Sea wall solutions: committee discusses construction issue

Waterways committee meets to discuss construction issue





Controlling marine construction on vacant lots has been a vexing problem for Marco Island’s City Council.

In March, council approved new regulations limiting the use of vacant lots for sea wall staging to 100 days with a one-time, 45-day extension. Staging areas are used for the manufacture of sea wall panels and for housing heavy equipment while a neighboring sea wall is being repaired or replaced.

Council hoped the move would reduce the inconvenience of construction sites in residential neighborhoods and alleviate neighbor complaints. The revised ordinance inadvertently created a loophole, Lena Upham told the Waterways Advisory Committee on Thursday. Upham was the planning and zoning technician when the issue came before council.

The new regulation created an opportunity for contractors to extend their use of vacant lots rather then reduce the time they work on them, she explained. Upham addressed the committee hoping its members could offer a solution. Council intended for the use of a vacant lot to end after the allowable 145 days. However, within that period, a contractor is allowed to apply for a construction permit to do work on the sea wall of the staging lot.

The construction application could be approved at any time within the 145 days of staging, even on the last day, staff told the committee. Adding a construction permit allows work to continue on the lot for an additional 180 days with the possibility of one or more 90-day extensions. For the marine contractor, the benefits are substantial. Materials and equipment are already in place, and the contractor can negotiate concessions with the vacant lot’s owner in exchange for allowing the lot to be used for staging.

By piggybacking the permits, a vacant lot could become a manufacturing plant and heavy equipment storing area for 505 days. That would defeat the reasoning for limiting staging in the first place, staff said. Alex Garland of Garland & Garland Marine Construction in Naples told the waterways committee vacant lots are not permitted as staging area in Naples. But there is a difference, he said. Naples lots are larger and staging can be done on the seawall’s property.

On Oct. 7, after council reviewed the problem, it directed staff to look into reducing construction time for sea walls. One suggestion was to limit the number of days allowed for the construction to mirror the number of days allowed for staging. The combined time a vacant lot could be used would become 290 days.

On Nov. 1, the Planning Board questioned how the city could reduce construction time without impacting marine contractors. Planning Board members were concerned that unique and undue hardships might result from the reduction.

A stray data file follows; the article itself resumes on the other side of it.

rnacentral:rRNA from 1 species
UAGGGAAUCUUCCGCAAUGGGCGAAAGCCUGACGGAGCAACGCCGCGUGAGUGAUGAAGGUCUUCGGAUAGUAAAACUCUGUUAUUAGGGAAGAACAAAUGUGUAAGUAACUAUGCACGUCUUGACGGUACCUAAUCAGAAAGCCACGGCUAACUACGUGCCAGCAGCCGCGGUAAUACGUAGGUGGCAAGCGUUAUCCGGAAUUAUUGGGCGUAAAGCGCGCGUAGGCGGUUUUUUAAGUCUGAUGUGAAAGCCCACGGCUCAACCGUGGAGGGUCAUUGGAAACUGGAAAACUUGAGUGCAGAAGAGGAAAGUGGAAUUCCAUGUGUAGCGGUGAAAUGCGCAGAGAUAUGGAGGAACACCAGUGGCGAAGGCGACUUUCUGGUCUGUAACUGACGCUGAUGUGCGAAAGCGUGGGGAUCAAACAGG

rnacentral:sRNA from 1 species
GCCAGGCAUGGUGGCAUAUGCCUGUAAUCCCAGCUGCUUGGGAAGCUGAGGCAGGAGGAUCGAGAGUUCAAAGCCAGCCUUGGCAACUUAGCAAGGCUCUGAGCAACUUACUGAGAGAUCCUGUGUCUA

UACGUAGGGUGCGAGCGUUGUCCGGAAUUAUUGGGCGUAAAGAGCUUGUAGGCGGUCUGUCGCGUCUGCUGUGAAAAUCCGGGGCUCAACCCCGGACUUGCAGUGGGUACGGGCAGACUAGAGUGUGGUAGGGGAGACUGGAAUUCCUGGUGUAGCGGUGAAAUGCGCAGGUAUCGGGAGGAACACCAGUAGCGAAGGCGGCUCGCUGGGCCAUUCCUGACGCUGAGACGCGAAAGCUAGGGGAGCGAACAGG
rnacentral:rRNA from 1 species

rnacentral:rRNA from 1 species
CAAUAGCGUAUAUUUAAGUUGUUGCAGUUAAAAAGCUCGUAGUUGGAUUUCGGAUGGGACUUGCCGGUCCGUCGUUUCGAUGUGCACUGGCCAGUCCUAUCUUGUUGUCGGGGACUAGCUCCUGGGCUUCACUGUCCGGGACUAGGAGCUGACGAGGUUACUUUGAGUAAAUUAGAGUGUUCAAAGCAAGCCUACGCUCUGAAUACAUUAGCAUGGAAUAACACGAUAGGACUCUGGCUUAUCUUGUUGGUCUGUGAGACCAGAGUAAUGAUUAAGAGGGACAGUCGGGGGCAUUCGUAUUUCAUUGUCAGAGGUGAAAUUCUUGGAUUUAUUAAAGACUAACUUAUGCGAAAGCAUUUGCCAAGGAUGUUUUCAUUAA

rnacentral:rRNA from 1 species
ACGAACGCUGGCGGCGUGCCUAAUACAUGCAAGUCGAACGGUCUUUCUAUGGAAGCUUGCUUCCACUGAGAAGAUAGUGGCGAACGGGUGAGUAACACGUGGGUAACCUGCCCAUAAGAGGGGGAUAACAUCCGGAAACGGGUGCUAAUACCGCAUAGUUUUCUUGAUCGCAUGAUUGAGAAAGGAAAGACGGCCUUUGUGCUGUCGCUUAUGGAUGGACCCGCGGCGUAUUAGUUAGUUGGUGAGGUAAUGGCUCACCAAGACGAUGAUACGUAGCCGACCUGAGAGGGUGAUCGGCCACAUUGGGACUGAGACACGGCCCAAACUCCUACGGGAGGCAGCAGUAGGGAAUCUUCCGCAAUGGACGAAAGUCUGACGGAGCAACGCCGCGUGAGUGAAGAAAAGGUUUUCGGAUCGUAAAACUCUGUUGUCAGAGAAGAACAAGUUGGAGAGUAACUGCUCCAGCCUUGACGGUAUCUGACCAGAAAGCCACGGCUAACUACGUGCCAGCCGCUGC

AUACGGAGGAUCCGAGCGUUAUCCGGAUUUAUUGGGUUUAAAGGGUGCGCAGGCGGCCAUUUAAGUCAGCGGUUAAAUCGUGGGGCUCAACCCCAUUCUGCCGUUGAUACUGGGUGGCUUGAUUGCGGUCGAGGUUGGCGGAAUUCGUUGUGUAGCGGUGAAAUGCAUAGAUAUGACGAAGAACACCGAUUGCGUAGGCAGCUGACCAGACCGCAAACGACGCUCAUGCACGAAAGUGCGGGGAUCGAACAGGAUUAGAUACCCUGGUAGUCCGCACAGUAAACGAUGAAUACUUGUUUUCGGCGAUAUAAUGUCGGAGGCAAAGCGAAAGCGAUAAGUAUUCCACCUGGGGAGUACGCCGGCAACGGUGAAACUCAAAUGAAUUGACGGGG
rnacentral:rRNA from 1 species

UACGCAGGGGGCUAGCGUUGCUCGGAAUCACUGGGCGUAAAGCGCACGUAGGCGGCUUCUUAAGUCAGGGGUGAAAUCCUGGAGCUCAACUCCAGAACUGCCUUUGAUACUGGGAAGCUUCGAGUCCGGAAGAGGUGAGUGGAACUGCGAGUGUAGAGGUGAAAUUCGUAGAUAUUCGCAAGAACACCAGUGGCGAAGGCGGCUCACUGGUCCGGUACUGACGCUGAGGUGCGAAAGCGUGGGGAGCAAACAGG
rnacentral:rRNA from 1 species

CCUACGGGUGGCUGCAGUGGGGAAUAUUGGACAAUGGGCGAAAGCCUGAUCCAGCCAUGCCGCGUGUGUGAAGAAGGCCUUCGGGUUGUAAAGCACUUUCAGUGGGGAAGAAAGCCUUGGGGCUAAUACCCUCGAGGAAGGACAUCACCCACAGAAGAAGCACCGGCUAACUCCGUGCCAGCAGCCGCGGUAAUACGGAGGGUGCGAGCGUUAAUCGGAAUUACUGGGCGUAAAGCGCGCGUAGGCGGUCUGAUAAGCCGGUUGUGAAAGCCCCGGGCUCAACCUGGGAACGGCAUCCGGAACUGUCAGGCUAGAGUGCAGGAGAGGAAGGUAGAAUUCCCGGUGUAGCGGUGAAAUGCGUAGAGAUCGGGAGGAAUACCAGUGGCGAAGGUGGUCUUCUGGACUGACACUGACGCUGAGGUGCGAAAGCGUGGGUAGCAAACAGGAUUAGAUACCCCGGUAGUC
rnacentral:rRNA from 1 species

The board deferred discussion to the waterways committee. Some members of the committee, who are also marine contractors, questioned why their industry would be singled out when other contracting services were not. While homebuilding is underway, they said, contractors work within the full allowable period, creating unsightly lots during construction. Homebuilders also bring in large equipment for demolition, site preparation, concrete pouring and roof joist placement.

Bryan Milk, community affairs director, told the committee there was a difference. “Vacant lots are being used as parking lots,” he said, referring to marine construction. “The equipment is different. There’s debris, odors, noise, barges, cranes and the smell of diesel oil.” City Councilor Bob Brown told the committee pleasing all the people all the time may not be achievable.

“Lots are holding heavy equipment for large numbers of time [days] causing discord in neighborhoods,” he said. “Perception is we give carte blanche to sea wall contractors.”

Jim Timmerman of the committee questioned that perception. “In a year there have been seven complaints, and 90 percent were directed at one contractor,” he said. “Building a sea wall is a huge project. It doesn’t make sense to isolate the sea wall construction trade,” Peter Clapp of the committee agreed.

Concerned about fairness and safety during construction, the committee voted not to recommend creating a special provision for marine contractors that decreased construction time. “You’ve got to come up with some sort of solution,” City Councilor Amadeo Petricca admonished.